6. Wee Things and Two Little Ducks
Unlike last year, I've actually managed to attend a number of conferences already this year and have witnessed a deluge of great talks. I've also watched many of the recordings and read the increasingly-trendy (and thank god because its brilliant) slide narratives. There were two talks in particular that absolutely chimed with every ticking cog in my visualisation head, and indeed were talks I didn't actually witness in person. Jonathan Corum is responsible for some of the very best presentations in this field. I've never had the pleasure of attending one of his sessions but if the intricate detail of his write-ups (and incredible body of work) are anything to go by they are must-see events. His talk at Malofiej titled "Two Little Ducks" was a magnificent piece of work, superbly framed and sequenced and oozing with valuable insight at every turn. The second talk came from Lena Groeger at OpenVisConf. At the time of Lena's talk I was sat with Robert Kosara in a taxi heading for the airport bemoaning the fact we were missing it! I have since had the opportunity to watch the video of Lena discussing 'A Few of My Favourite Wee Things' and gone through a companion slide deck/collection of ideas and it is everything I hoped it was going to be: a creative and comprehensive glance through the many different issues of 'tiny' in visualisation design. It is just 'right up my street', as the saying goes. A special mention too for Jon Schwabish's short story at Tapestry discussing 'Goofy Comparisons'.
7. Washington Post Graphics Goodness
The Washington Post Graphics team has never been better. Under the Directorship of Kat Downs Mulder, the work coming from their multi-talented team deservedly places them right at the top table of this field alongside their New York
rivals counterparts. I can't profile all the staff in one go but people like Katie Park, Darla Cameron, Denise Lu and Kennedy Elliott (to name but a few) are some of the brilliant people you should be following. You'll notice that is a stream of female names: it shouldn't need to be noticeable or need surfacing as a 'thing', but in a field of 3 males to every 1 female it is something that is important to celebrate. There are some very good human men in the team, also. Richard Johnson's arrival has certainly introduced a special new ingredient to the mix (especially with his incredible illustration skills) as has the prolific and talented Christopher Ingraham who is firing out some great stuff on the Wonk Blog and the fascinating companion site 'Know More'.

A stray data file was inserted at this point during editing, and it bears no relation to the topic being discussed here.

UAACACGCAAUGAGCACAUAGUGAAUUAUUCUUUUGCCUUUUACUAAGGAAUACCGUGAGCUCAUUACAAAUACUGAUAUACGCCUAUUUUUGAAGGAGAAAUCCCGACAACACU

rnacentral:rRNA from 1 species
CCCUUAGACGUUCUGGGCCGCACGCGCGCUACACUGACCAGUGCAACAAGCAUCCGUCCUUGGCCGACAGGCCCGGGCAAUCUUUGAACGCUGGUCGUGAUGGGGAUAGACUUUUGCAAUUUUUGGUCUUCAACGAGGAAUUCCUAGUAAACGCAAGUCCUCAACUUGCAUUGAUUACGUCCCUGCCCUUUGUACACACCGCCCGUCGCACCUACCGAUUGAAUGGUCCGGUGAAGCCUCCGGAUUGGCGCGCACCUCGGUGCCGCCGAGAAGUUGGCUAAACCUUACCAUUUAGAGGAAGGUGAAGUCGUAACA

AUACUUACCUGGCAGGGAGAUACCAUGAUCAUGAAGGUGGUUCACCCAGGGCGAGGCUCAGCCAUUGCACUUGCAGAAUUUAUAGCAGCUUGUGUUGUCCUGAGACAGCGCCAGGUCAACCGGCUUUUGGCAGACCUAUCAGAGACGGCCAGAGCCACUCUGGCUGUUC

8. Bloomberg's Tracking Super Bowl Tickets
I'm a sucker for connected scatter-plots and this was one of the best I've seen by the Bloomberg Visual Data Team showing the daily price and secondary market volume of Super Bowl tickets. There's so much to admire with this graphic, such as the ghosting background comparisons, the annotated extremes but one of my favourite features is simply the 'How to' pop-up. With visualisation literacy very much on my mind right now, the coaching this helpful guide provides is excellent - helping viewers understand how to make sense of the shape, direction and trajectory of the connected story. It really preserves the potential of this appropriately chosen graphic device to be understood and I think that is a great sign.
9. WSJ's 'How does 3D printing work?'
This entry is very much filed under 'one to watch'. On the basis that this collection is about things that I reckon are significant, either as case studies of great work or trends in the field, my spidey senses tell me this might be something we see more of in the future. The Wall Street Journal's guide to 3D printing also included a chart showing personal 3D printer sales, in 3D for you to download and print, in 3D! As the home 3D printer becomes a commodity, maybe the graphics of our near future will have exportable, home-printable 3D downloads as routine, just as we have data downloads right now.
10. Success of the NYT Dialect Map
The interactive Dialect Map 'How Y'all, Youse, and You Guys Talk' by Josh Katz and Wilson Andrews was released on December 21, 2013. ("Andy, that's out of scope for this collection. Idiot!", you cry, prematurely). In the 11 days it was online during 2013 it became THE most visited New York Times web pages of 2013 (via the Atlantic). Just let that sink in. A staggering success story, as I discussed in more detail in February.
Here are the other highlights from the first half of 2014 that deserve a special mention:
NYT Sochi Collection | Easy to be complacent about the ongoing brilliance of this department's output, another genius portfolio of work, this time from the Sochi winter olympics.
News Vis | A very useful, explorable collection curated by Robert Kosara of the best visualisation and infographic output from news and media organisation.
Data Visualization Checklist | A super useful checklist developed by Stephanie Evergreen and Ann Emery to guide folks towards more effective data visualisation constructions.
World Cup league representation | There was a lot of good stuff produced during the World Cup but this was amongst my favourites from the Guardian US Interactive team (primarily led by Kenan Davis) to show at each stage of the World Cup which leagues had the most representation amongst the remaining players still competing.
OpenVisConf | This interface created by Yannick Assogba is a wonderfully innovative way to share videos from conference events.
Letters in words | Graphing the distribution of English letters within words. Might not sound particularly exciting but it is a dead simple but engaging piece of analysis.
Scientific American Blog | I loved Jen Christiansen's article 'How I Reconciled My Love for Art and Science'
Tableau for the Mac | Relatively self-explanatory, just a very useful development opening up a very important potential user base (and making my life endlessly easier)
Atlas of Prejudice | Probably an off-beat choice but I liked it and it's my list. So there.
Spurious Correlations | Just because.